President Donald Trump hugs Broadcom CEO Hock Tan during an event to announce the company is moving its global headquarters to the United States Photo: Evan Vucci / AP
Singapore-based chip manufacturer Broadcom is moving operations back to the U.S., pending shareholder approval, President Trump announced Thursday. The company, whose corporate headquarters is in San Jose, said the newly released GOP tax reform proposal will make it easier to do business in the U.S., although it also said its move will happen even if the proposal doesn't pass.
Why it matters: Trump claimed credit for Broadcom's decision, saying in his Oval Office announcement that his administration is working to make the U.S. business climate attractive " so that more and more companies like Broadcom come back to our shores, grow their businesses and credit more and more American jobs."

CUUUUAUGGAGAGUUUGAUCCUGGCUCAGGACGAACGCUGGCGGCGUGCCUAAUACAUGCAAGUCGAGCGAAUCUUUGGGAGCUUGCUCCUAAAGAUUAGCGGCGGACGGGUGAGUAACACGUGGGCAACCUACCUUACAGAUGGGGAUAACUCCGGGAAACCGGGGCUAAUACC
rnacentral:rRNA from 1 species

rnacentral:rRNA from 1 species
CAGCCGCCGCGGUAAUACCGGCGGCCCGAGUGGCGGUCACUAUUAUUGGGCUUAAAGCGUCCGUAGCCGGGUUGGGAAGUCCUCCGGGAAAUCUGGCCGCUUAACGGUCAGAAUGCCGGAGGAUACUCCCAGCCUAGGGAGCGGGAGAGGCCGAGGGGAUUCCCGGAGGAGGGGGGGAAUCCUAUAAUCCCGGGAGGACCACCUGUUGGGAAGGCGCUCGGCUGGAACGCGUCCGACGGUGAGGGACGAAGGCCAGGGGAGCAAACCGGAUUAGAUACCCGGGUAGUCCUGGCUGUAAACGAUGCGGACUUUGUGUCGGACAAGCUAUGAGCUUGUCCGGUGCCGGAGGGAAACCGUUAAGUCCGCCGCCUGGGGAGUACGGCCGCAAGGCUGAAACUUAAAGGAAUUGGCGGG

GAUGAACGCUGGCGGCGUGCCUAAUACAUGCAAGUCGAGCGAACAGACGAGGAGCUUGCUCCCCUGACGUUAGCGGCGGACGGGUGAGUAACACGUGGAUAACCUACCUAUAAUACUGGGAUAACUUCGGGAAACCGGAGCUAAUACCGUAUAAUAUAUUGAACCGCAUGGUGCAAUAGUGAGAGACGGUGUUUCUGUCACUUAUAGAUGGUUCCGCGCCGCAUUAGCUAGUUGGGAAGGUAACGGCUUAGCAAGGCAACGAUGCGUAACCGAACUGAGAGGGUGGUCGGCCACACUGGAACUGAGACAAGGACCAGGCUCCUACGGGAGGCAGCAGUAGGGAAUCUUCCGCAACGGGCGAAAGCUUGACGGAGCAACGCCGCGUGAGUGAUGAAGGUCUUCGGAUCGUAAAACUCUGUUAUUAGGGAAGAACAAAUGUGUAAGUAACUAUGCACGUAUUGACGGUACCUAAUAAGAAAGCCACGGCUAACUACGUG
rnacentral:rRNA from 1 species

Broadcom CEO Hock Tan said in a statement said the move would bring $20 billion in annual revenue to the U.S., in addition to $4 billion in research and $6 billion in manufacturing.
What to watch: Becoming a U.S.-based company has other benefits for Broadcom, whose $5.5 billion acquisition of U.S. company Brocade is still under review by the Committee on Foreign Investment in the United States (CFIUS). Broadcom could skirt that review by becoming a U.S.-based firm, the Washington Post notes.
History lesson: The modern Broadcom is actually the result of Singapore-based Avago Technologies buying Irvine, Calif.-based Broadcom and keeping the name of the American entity. The original Broadcom was one of the biggest tech companies to emerge out of Orange County, Calif. It was founded in 1991 by two Henrys from UCLA, Henry Nicholas and Henry Samueli. Nicholas was pushed out as CEO amid allegations of accounting irregularities as well as personal drug use.